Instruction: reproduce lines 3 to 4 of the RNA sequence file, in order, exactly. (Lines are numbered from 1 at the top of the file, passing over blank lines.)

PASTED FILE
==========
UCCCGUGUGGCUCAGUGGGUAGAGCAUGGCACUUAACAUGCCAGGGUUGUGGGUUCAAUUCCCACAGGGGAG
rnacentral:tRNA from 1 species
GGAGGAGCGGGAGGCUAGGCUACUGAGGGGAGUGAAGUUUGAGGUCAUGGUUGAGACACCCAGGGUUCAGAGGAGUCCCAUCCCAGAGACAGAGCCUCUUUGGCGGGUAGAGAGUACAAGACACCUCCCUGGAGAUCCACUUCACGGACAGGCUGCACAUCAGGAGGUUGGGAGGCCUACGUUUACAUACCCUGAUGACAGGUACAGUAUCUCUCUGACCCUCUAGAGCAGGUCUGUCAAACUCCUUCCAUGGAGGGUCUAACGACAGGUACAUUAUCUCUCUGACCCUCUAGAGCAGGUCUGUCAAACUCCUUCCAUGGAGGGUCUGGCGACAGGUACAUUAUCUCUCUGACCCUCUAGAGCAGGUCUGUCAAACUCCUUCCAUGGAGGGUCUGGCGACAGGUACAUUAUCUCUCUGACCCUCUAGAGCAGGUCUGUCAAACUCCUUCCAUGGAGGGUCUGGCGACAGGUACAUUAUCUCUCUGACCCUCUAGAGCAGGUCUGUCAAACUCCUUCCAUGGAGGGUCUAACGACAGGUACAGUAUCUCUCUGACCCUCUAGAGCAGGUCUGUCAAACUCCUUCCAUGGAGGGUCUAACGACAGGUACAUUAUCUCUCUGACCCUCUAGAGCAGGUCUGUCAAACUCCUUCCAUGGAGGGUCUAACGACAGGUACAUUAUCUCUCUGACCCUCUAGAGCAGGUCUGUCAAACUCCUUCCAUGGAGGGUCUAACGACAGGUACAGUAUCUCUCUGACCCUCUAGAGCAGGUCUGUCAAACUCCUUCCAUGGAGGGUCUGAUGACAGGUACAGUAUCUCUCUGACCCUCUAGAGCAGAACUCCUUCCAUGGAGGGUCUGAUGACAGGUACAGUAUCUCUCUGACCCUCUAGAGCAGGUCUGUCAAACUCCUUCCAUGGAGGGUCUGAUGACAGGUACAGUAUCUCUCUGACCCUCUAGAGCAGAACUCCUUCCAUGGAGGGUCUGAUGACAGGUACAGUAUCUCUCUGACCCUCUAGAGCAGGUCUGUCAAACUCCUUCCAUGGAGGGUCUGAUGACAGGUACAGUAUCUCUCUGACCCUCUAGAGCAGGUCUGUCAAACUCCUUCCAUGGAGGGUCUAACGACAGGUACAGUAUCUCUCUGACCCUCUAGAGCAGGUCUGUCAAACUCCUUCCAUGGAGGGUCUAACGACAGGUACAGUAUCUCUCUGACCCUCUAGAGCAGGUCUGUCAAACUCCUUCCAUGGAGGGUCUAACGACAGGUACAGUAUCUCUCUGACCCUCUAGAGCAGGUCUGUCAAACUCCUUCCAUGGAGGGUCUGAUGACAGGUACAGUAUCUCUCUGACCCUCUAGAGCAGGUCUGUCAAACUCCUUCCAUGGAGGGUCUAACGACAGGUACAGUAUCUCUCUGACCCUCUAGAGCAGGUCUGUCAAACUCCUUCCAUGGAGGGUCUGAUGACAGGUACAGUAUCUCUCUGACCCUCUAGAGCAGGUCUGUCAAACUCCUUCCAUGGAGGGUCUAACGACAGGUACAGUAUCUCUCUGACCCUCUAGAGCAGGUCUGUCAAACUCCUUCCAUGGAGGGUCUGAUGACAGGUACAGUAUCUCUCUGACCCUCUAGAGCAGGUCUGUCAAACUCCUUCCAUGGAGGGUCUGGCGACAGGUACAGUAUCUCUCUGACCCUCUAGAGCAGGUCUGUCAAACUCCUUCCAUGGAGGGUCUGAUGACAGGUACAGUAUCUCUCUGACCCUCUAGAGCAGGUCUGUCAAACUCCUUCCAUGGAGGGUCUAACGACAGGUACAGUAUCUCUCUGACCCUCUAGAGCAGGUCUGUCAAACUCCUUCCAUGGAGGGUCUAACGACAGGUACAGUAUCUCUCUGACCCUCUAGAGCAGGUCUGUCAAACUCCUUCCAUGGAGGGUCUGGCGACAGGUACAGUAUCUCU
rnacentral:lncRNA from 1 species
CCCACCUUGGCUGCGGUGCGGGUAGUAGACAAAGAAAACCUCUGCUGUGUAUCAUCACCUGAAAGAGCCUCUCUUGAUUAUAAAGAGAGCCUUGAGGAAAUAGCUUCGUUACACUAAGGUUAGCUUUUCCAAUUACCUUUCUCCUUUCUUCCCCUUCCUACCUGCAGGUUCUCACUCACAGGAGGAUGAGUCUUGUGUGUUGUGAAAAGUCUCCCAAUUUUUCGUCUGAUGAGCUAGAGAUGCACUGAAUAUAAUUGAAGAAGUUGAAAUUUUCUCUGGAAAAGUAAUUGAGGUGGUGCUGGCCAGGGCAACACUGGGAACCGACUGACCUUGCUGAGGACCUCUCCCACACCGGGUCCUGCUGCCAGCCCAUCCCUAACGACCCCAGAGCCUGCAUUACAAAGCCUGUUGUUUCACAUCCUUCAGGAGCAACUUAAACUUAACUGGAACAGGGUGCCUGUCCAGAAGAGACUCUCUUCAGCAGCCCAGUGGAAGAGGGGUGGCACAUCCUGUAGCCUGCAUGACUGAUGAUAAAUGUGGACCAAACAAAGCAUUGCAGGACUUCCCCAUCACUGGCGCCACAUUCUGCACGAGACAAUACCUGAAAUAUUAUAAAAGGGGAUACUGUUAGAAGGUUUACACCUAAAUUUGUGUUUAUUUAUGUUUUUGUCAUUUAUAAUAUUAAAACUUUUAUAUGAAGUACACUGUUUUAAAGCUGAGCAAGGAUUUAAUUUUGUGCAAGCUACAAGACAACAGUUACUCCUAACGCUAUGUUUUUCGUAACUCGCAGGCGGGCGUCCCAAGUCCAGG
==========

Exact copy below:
GGAGGAGCGGGAGGCUAGGCUACUGAGGGGAGUGAAGUUUGAGGUCAUGGUUGAGACACCCAGGGUUCAGAGGAGUCCCAUCCCAGAGACAGAGCCUCUUUGGCGGGUAGAGAGUACAAGACACCUCCCUGGAGAUCCACUUCACGGACAGGCUGCACAUCAGGAGGUUGGGAGGCCUACGUUUACAUACCCUGAUGACAGGUACAGUAUCUCUCUGACCCUCUAGAGCAGGUCUGUCAAACUCCUUCCAUGGAGGGUCUAACGACAGGUACAUUAUCUCUCUGACCCUCUAGAGCAGGUCUGUCAAACUCCUUCCAUGGAGGGUCUGGCGACAGGUACAUUAUCUCUCUGACCCUCUAGAGCAGGUCUGUCAAACUCCUUCCAUGGAGGGUCUGGCGACAGGUACAUUAUCUCUCUGACCCUCUAGAGCAGGUCUGUCAAACUCCUUCCAUGGAGGGUCUGGCGACAGGUACAUUAUCUCUCUGACCCUCUAGAGCAGGUCUGUCAAACUCCUUCCAUGGAGGGUCUAACGACAGGUACAGUAUCUCUCUGACCCUCUAGAGCAGGUCUGUCAAACUCCUUCCAUGGAGGGUCUAACGACAGGUACAUUAUCUCUCUGACCCUCUAGAGCAGGUCUGUCAAACUCCUUCCAUGGAGGGUCUAACGACAGGUACAUUAUCUCUCUGACCCUCUAGAGCAGGUCUGUCAAACUCCUUCCAUGGAGGGUCUAACGACAGGUACAGUAUCUCUCUGACCCUCUAGAGCAGGUCUGUCAAACUCCUUCCAUGGAGGGUCUGAUGACAGGUACAGUAUCUCUCUGACCCUCUAGAGCAGAACUCCUUCCAUGGAGGGUCUGAUGACAGGUACAGUAUCUCUCUGACCCUCUAGAGCAGGUCUGUCAAACUCCUUCCAUGGAGGGUCUGAUGACAGGUACAGUAUCUCUCUGACCCUCUAGAGCAGAACUCCUUCCAUGGAGGGUCUGAUGACAGGUACAGUAUCUCUCUGACCCUCUAGAGCAGGUCUGUCAAACUCCUUCCAUGGAGGGUCUGAUGACAGGUACAGUAUCUCUCUGACCCUCUAGAGCAGGUCUGUCAAACUCCUUCCAUGGAGGGUCUAACGACAGGUACAGUAUCUCUCUGACCCUCUAGAGCAGGUCUGUCAAACUCCUUCCAUGGAGGGUCUAACGACAGGUACAGUAUCUCUCUGACCCUCUAGAGCAGGUCUGUCAAACUCCUUCCAUGGAGGGUCUAACGACAGGUACAGUAUCUCUCUGACCCUCUAGAGCAGGUCUGUCAAACUCCUUCCAUGGAGGGUCUGAUGACAGGUACAGUAUCUCUCUGACCCUCUAGAGCAGGUCUGUCAAACUCCUUCCAUGGAGGGUCUAACGACAGGUACAGUAUCUCUCUGACCCUCUAGAGCAGGUCUGUCAAACUCCUUCCAUGGAGGGUCUGAUGACAGGUACAGUAUCUCUCUGACCCUCUAGAGCAGGUCUGUCAAACUCCUUCCAUGGAGGGUCUAACGACAGGUACAGUAUCUCUCUGACCCUCUAGAGCAGGUCUGUCAAACUCCUUCCAUGGAGGGUCUGAUGACAGGUACAGUAUCUCUCUGACCCUCUAGAGCAGGUCUGUCAAACUCCUUCCAUGGAGGGUCUGGCGACAGGUACAGUAUCUCUCUGACCCUCUAGAGCAGGUCUGUCAAACUCCUUCCAUGGAGGGUCUGAUGACAGGUACAGUAUCUCUCUGACCCUCUAGAGCAGGUCUGUCAAACUCCUUCCAUGGAGGGUCUAACGACAGGUACAGUAUCUCUCUGACCCUCUAGAGCAGGUCUGUCAAACUCCUUCCAUGGAGGGUCUAACGACAGGUACAGUAUCUCUCUGACCCUCUAGAGCAGGUCUGUCAAACUCCUUCCAUGGAGGGUCUGGCGACAGGUACAGUAUCUCU
rnacentral:lncRNA from 1 species